Ideally, the Death Set's punk-meets-electro live shows are sweaty, zealous affairs in DIY hovels, with crowds perpetually moving back and forth and the band rarely standing still. Dating back to the band's origins in Australia and following developments through Baltimore, Philadelphia, and Brooklyn, lead screamer Johnny Siera says the group's concerts were "pretty crazy from the get-go."
"If you find those great spaces where it's a lowish stage and people are drunk enough and crammed together enough, it's usually a bit of a time bomb," he says. Usually, the singer downs "a couple of vodkas" to psych himself up, but there have been repercussions to his ritual. At a South by Southwest gig last year, he ingested too much booze and ended up barfing on a girl in the front row, later apologizing via Twitter. Siera seems to have forgotten the event, but when he's reminded of it, he begins giggling.
Siera is aware of how integral these shows are to shaping the Death Set's image but wants his band to expand past puking and perspiring in dives. "People think the music is a lot more punk than it actually is because of the live show," he says. "It's always based around craziness and energy. When people listen to the record, they find it a lot different. I'm even more stoked when people are whistling a tune down the street after listening to the record [than them] going crazy at the show."
On a wide festival stage, the Death Set should have no trouble retaining a chunk of its charm, but the real power of the band stems from its peculiar, haphazard feel. The records' production has stepped up a smidge over time, which is fine, but if Siera somehow transformed from an impish fire starter into a virtuosic vocalist or politeness overtook the aesthetic, the thrill would disappear. It's tough to find a computer-based band that feels more wonderfully impulsive and organic.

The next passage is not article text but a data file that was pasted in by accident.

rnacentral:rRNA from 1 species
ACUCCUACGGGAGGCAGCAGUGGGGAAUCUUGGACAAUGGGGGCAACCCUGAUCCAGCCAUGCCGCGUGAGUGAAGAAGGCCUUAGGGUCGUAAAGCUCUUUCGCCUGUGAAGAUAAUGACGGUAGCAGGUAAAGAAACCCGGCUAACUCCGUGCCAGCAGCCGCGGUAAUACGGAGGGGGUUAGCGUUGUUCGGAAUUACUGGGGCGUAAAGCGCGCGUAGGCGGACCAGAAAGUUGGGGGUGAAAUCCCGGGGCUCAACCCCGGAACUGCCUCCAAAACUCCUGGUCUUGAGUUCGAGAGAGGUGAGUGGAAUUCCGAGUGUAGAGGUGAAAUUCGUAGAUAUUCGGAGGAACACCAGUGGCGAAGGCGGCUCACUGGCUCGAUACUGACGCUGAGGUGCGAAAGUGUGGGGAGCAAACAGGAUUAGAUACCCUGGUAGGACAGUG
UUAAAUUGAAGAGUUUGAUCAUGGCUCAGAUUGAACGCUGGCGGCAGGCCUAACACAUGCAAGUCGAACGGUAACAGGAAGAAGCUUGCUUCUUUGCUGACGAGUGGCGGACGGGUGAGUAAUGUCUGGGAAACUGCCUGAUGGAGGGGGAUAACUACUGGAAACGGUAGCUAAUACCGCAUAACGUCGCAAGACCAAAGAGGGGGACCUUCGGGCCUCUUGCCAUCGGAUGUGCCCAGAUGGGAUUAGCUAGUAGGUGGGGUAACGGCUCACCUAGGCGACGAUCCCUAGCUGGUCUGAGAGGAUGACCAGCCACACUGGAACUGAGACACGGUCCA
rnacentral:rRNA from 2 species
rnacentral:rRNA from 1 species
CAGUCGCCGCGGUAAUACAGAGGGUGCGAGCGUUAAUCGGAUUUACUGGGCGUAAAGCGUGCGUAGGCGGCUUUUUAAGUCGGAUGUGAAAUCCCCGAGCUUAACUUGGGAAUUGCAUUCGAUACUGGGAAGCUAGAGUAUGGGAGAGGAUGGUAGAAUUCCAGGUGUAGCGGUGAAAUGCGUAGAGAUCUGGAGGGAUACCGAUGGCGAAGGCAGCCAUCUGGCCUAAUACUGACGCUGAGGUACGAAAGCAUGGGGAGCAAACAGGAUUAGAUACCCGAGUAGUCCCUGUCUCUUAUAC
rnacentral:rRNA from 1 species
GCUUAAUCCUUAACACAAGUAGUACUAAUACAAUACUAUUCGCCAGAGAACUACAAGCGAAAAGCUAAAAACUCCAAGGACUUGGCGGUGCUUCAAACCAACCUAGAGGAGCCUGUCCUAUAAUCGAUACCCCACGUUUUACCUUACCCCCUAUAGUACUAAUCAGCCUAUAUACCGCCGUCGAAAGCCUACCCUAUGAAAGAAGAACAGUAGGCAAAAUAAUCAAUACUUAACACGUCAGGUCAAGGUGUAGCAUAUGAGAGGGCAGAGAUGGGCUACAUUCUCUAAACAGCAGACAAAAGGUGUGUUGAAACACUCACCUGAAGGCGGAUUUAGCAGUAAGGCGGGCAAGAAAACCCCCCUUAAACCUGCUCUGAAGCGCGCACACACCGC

"We're not a band that will jam out in the rehearsal room," says Siera, who values "ideas over melody and energy over proficiency." The shortage of long-ass guitar solos is more than compensated for by chaos.
Case in point, the video for "Slap Slap Slap Pound Up Down Snap," the first single off sophomore full-length Michel Poiccard, provides some seriously bonkers visuals to match the balls-out electro-inflected punk. While Siera squeals like a mental patient, bouncing around in the back of a moving truck, Molotov cocktails are lobbed, a naked skateboarder rolls by, instruments are obliterated, and the whole thing explodes with pyrotechnics straight out of a 6-year-old's birthday party.
But for all the fun these guys clearly have, the Death Set's tenure has seen one soul-crushing event. In September 2009, guitarist Beau Velasco — the same guy whose name was tagged in the "Slap Slap" video — died in New York City. (His cause of death was never officially announced.) It was Velasco who started the group with Siera in the mid-2000s, and while Siera says that his departed bandmate hadn't played shows with them for a couple of years before his passing, his presence was crucial.
After Velasco's death, Siera felt that he had one of two options: dissolve the Death Set or construct another album that's "more of a celebration." While he ended up opting for the latter, Michel Poiccard is wrapped up in the memory of Velasco. His voice introduces the album ("I wanna take this tape and blow up your fuckin' stereo"), "I Been Searching for This Song Called Fashion" is spun out of a guitar lick he wrote, and there's even a track titled "I Miss You Beau Velasco (feat. Beau Velasco)."
"It was almost therapy writing the record in a way," says Siera. "The whole process was kind of cathartic."
Even with that ugly dose of reality, the Death Set still champions a carefree giddiness. Consider the group's original choice of press shots to promote Michel. Although they're no longer on the Death Set's site (you can dig them up at drivenbyboredom.com, the photographer's page), the shots depict the trio standing around on a rooftop, flanked by a couple of inked-up naked girls. The guys are wearing the joyously goofy expressions of adolescent boys who can't believe they're in the vicinity of actual tits. Even though their label wisely nixed the idea of the band's using those for media, that idea exemplified its peculiarity in the same way the anarchy of "Slap Slap" did.
"Even though it sounds cliché," says Siera, "in every little aspect of the band, we're trying to do something a little bit fucked-up and different."